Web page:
Why Time Has Arrived For Flexible Demand
- Dec 30, 2019 9:15 pm GMT
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Traditionally the power sector predicted demand and dispatched generation to meet it. Utilities, most of whom were vertically integrated and regulated monopolies, maintained a portfolio of plants – baseload, intermediate and peaking – to meet demand as it varied from hour to hour, day to day, and across the seasons. Demand was a given, namely the sum of the load from all electricity using devices in the network. All consumers bought all the kWhs they consumed from the network and paid a regulated bundled tariff.
California’s Duck Curve: It’s getting worse
In the future, we will increasingly be predicting variable renewable generation and scheduling demand to match it. This is likely to happen in more places as the percentage of renewables reaches higher levels, exceeding 25%, 50% or higher levels in many networks in some periods.
South Australian Duck Curve?
Source: Jenny Riesz, AEMO, presented at Future El. Mkt. Summit, Sydney, 18 Nov 2019
It is not uncommon to reach 100% or higher levels during extremely windy and/or sunny periods especially on weekends or when demand is low, in which case the network experiences over-generation – with prices going negative. When this happens, the excess generation must be exported, stored or – as a last resort – curtailed. As described in article on page 14, in places like Texas and California, renewable generation must be curtailed because it exceeds load, because there is congestion on the transmission network and/or due to lack of sufficient storage.
Up to now, grid operators have done their best to use the traditional tools at their disposal, namely turning flexible thermal plants up or down to accommodate the variable renewable generation. This works up to a point but is approaching limits that are either too expensive and/or operationally challenging to maintain reliability.
A well-known example of the phenomenon is the famous California Duck curve, where 13 GW of ramping is required to meet the evening’s peaks on many sunny days. Many versions of the California duck are now routinely experienced in other parts of the world with similar implications. For example, South Australia’s duck curve (left) is already difficult to manage and is likely to get worse.
Terna, the grid operator in Italy, is expected to face a similar fate as the percentage of renewables increases in Italy. Unsurprisingly, Italy’s duck curve (visual below) looks surprisingly similar to those of California and So. Australia.
The traditional method of ramping thermal plants up and down is approaching the limits of its usefulness. Exporting the excess energy and/or storing it are gaining traction but can only go so far. As countries adopt ever more ambitious renewable targets, new ways must be found to balance supply and demand – but what?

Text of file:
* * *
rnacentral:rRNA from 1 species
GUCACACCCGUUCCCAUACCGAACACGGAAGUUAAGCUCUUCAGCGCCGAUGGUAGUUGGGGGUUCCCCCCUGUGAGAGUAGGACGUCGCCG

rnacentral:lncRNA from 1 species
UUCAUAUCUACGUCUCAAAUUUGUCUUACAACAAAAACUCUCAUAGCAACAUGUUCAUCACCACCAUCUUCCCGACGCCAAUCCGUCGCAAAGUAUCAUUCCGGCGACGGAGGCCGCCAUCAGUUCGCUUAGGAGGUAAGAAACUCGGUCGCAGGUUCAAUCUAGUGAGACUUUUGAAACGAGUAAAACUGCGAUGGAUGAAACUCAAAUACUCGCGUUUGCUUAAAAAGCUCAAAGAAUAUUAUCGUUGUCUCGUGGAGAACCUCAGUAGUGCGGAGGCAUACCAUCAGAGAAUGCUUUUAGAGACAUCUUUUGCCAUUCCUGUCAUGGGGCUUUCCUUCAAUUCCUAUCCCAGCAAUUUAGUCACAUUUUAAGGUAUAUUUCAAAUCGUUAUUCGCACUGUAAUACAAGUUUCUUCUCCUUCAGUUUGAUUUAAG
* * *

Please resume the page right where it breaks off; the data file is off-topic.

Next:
One answer is flexible demand. As time goes on new methods must be found to explore how flexible demand can be aggregated and managed to meet variable generation. Concepts such as demand response (DR) and price responsive demand (PRD) as well as schemes to aggregate and manage flexible demand are being developed. These ideas are not new but were historically considered “nice-to-do.” They are now becoming “must-do.”
As it happens, 3 developments are enabling their implementation on scale that was not imaginable in the past:
- Smart meters are becoming the norm in many places;
- Smart tariffs provide incentives to respond to price signals; and
- Smart connected devices are easier to monitor and manage.
The first two are essential, even if slow in the making. The third, sometimes called digitalization, is expected to make it easier for individual devices within the customers’ premises to be remotely monitored and managed. Moreover, enterprises are emerging who can aggregate large portfolios of behind-the-meter devices and using sophisticated algorithms – artificial intelligence and machine learning among them – to optimize how, when and how much energy is used.
Italian duck curve
Source: Giacomo Terenzi, Terna, presented at AIEE Conf, Rome 12 Dec 2019
A large number of electric vehicles, for example, can soak up some of the excess generation during sunny hours of the belly of the duck curve. Perhaps, some of the stored energy in the batteries can be discharged back into the network during the peak demand hours after the sun has set, a practice called vehicle-to-grid (V2G).
Similar things can be done with multitude of other devices with flexible demand including electric water heaters, pre-cooling or pre-heating buildings, making ice and storing it for later use, pumping or desalinating water, shifting electricity-intensive processes to low price hours of the day, and many more.
With a few exceptions, virtually all customer demand has some flexibility. The industry traditionally ignored this either because it was difficult to manage – it still is – or because it was easier to adjust generation. In the future, demand has to learn to tango with variable generation simply because the alternatives are impractical, difficult or too expensive.
This article originally appeared in the January 2020 issue of EEnergy Informer, a monthly newsletter edited by Fereidoon Sioshansi who may be reached at email@example.com